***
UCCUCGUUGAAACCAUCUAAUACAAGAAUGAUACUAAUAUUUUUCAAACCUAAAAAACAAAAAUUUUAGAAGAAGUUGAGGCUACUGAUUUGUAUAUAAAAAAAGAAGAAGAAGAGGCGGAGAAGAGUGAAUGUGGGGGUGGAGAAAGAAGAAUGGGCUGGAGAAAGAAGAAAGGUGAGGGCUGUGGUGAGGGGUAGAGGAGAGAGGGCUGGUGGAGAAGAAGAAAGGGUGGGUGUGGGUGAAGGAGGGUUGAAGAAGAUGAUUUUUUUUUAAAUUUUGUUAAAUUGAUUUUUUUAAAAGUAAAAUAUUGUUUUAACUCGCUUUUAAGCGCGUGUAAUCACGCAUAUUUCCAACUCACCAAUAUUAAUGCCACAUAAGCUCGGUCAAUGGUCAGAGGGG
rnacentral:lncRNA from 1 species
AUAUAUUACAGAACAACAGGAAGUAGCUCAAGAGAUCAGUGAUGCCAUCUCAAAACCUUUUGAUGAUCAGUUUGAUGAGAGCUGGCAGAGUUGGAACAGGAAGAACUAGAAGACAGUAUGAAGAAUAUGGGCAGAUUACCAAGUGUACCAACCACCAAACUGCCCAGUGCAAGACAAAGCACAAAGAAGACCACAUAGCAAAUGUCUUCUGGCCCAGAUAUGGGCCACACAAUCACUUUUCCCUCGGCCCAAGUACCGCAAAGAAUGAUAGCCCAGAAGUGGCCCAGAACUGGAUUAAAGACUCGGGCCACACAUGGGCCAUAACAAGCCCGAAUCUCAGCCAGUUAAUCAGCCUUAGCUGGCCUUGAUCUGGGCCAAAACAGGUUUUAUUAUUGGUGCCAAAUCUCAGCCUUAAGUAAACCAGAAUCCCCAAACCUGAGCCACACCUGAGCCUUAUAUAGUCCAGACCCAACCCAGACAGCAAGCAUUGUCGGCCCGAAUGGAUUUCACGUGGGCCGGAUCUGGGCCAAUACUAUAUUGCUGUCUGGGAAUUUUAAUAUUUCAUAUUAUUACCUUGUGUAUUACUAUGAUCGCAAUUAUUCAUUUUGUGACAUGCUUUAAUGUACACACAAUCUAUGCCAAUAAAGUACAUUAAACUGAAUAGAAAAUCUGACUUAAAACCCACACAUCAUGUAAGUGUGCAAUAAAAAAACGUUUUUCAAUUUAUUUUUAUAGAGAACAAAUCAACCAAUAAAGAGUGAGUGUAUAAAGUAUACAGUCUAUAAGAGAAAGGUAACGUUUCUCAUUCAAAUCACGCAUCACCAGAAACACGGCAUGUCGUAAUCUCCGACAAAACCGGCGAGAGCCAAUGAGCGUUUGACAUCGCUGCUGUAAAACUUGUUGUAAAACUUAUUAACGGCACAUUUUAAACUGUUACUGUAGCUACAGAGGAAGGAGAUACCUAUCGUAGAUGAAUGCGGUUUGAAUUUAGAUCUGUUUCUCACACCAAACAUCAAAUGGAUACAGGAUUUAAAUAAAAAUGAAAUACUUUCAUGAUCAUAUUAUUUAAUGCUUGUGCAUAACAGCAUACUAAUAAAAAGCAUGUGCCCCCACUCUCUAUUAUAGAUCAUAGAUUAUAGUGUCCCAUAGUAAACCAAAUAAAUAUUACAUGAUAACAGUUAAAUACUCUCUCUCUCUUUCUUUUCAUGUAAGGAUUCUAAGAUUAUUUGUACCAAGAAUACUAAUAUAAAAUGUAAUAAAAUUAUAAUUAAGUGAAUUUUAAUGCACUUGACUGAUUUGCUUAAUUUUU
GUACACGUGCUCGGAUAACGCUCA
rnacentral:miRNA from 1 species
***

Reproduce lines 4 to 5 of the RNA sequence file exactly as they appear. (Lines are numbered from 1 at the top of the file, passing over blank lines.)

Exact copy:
GUACACGUGCUCGGAUAACGCUCA
rnacentral:miRNA from 1 species